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August 1935

Abstracts from Current Literature

Arch NeurPsych. 1935;34(2):409-431. doi:10.1001/archneurpsyc.1935.02250200169015

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The Instinctive Emotional Life of Birds. Herbert Friedmann, Psychoanalyt. Rev. 21:381 (Oct.) 1934.

This scholarly article offers an analysis of the manifestations of instincts and emotions of birds and makes an attempt to correlate this material with corresponding material in human beings. In substance, Friedmann states that the emotional life of birds is on an instinctive level, on the nonconscious plane, as far as its driving force is concerned. Compared with those of human beings, the emotions are poorly developed and relatively limited in their modes of expression.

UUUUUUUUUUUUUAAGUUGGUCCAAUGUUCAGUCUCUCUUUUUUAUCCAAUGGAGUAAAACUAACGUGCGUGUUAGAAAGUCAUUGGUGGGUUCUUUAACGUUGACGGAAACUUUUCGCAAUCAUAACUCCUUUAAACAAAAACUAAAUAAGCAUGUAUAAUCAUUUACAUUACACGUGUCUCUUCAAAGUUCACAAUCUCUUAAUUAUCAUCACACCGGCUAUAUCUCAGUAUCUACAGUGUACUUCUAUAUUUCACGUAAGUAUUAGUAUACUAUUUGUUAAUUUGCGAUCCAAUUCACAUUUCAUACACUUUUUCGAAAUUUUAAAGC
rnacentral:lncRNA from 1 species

The emotions are of two main kinds: (a) the permanent or self-preservative and (b) the cyclic or race-preservative. Fear, greed and sociability (gregariousness) are the permanent emotions; "love" and its subdivisions and ramifications are cyclic. The type of reaction is constant for each species. Fear is the most prominent of the permanent emotions. Birds do not have the ability to think